Chemoprotective Effects of Hyperbaric Oxygen Research

Hyperbaric oxygen is used routinely at William Beaumont Hospital to facilitate wound healing and improve patient recovery from a variety of clinical procedures. Hyper-baric oxygen treatment (HBOT) has been shown to be effective in the initial treatment of a variety of cancers. Some tumors are resistant to radiotherapy because they contain areas of radiation-resistant hypoxia. The term hypoxia generally describes a reduction in the oxygen content of the tumor mass, as compared with adjacent tumor regions and surrounding normal tissues. It is widely accepted that hypoxia protects tumor cells from radiation-mediated cell killing. The benefits of HBOT are believed to arise from the reoxygenation of hypoxic/necrotic regions of the tumor and a resultant increase in their radiation sensitivity.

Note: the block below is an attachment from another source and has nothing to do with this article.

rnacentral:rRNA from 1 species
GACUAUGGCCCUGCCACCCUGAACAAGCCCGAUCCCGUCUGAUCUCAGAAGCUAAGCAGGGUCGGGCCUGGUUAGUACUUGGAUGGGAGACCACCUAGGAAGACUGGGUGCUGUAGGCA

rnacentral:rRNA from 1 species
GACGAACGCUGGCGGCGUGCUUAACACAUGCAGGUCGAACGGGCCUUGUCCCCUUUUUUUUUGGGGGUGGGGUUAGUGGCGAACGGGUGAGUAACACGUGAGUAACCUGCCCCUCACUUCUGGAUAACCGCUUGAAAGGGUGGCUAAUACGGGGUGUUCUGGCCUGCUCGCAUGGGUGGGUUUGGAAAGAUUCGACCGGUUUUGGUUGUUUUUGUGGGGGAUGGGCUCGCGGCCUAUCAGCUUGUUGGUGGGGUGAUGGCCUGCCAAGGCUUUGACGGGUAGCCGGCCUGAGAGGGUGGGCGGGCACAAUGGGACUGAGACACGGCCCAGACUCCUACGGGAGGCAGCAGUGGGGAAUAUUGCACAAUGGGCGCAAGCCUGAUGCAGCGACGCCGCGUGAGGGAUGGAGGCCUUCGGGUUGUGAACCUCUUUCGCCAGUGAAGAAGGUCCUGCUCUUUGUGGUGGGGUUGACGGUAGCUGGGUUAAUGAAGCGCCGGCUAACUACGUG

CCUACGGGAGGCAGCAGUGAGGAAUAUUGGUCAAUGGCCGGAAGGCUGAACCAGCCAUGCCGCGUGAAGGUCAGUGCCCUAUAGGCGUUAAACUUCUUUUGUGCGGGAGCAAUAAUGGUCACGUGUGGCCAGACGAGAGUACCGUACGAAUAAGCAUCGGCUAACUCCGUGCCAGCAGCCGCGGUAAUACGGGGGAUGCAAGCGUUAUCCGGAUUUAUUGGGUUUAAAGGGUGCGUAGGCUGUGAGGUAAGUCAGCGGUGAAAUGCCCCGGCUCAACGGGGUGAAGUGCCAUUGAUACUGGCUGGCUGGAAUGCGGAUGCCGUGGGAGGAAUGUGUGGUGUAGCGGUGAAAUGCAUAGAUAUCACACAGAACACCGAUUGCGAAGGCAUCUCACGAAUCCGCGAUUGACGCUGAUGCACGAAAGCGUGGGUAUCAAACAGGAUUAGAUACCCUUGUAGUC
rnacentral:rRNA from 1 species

We are investigating whether HBOT can reduce normal tissue complications produced by a variety of standard chemotherapy drugs such as Taxotere, Adriamycin, Etoposide, Ara C and Topotecan. These treatment-related side effects (e.g. sickness, nausea, myelotoxicity which reduces the ability of the patient to fight infection) often prevent the patient from completing their therapy as prescribed by the physician. We hypothesize that the HBOT will increase the oxygen tension of the normal tissues and this will enhance the immune response thereby minimizing the cytotoxic effects of the chemotherapeutic drug in this tissue.